Chapter 10. Fonts, Families, Faces

This book has so far covered, in extensive detail, all the ways in which you can control how letters (and other glyphs) are arranged within your SVG. The letters themselves, however, have been somewhat overlooked. This chapter addresses that gap. Letterforms are at least as important as layout in creating the final appearance of graphical text.

A full discussion of typography, fonts, and type selection in web design is a book unto itself. So we’re not going to discuss how you would choose (or design!) a typeface for your graphic. Instead, this chapter focuses on how you can get the browser to use the font you prefer. Chapter 11 will then explain what you can do to minimize the impact if it uses a different font regardless of your style settings.

Generic Styles

The primary way to select a font, and therefore control the character style, is with the font-family style property. It is an inherited style that may be specified as an SVG presentation attribute or CSS style rule. With CSS rules, font-family may be set directly or as part of the font shorthand. However it is set, the value is a comma-separated list of font-family names, ending with a generic fallback font description.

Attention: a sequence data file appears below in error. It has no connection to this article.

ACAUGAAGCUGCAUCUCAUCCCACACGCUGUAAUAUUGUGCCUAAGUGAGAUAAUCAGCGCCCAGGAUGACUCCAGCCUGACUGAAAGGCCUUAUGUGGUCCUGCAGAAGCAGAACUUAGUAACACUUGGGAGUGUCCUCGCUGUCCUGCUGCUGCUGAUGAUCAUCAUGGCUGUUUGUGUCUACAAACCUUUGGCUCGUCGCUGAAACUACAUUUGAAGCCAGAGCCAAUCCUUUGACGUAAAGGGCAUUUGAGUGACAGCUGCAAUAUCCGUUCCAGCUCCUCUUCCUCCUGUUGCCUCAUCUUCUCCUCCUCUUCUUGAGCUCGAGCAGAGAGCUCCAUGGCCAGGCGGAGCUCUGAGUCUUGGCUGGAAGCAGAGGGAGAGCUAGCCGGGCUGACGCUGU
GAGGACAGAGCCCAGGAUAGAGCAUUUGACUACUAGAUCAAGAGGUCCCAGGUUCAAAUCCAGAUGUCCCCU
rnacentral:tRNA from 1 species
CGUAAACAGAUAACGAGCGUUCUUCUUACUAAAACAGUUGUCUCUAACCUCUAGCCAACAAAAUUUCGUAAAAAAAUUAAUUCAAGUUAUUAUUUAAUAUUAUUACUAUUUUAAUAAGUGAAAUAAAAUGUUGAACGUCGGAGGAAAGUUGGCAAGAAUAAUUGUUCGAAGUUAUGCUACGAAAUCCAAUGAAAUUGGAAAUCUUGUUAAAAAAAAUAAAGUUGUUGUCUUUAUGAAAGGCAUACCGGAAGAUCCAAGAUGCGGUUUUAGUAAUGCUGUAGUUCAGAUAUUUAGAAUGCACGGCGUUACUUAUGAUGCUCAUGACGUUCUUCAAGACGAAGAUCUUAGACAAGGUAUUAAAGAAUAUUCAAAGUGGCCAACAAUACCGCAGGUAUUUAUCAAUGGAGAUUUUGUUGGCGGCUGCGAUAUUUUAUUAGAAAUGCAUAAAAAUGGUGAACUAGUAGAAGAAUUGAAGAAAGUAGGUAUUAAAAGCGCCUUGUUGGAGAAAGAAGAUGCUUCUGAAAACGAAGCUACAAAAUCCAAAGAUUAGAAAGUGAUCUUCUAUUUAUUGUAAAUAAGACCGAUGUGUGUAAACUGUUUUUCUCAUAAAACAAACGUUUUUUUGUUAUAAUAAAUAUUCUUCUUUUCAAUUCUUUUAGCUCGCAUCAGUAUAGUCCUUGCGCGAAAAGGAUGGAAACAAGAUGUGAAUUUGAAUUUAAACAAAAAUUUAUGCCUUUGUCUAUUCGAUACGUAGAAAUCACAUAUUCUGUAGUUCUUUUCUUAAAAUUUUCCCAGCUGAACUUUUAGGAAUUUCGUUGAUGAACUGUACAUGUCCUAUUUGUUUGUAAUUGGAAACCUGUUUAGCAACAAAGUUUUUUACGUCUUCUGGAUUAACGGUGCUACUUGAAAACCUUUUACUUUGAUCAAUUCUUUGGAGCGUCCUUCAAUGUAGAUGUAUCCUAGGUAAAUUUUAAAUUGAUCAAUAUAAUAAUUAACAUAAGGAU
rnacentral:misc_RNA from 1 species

Most of the examples in this book have simply used the generic names to describe what type of font should be used. These keywords are defined in core CSS, and describe some of the most basic distinctions between font types. Browsers are expected to provide fonts for the ...

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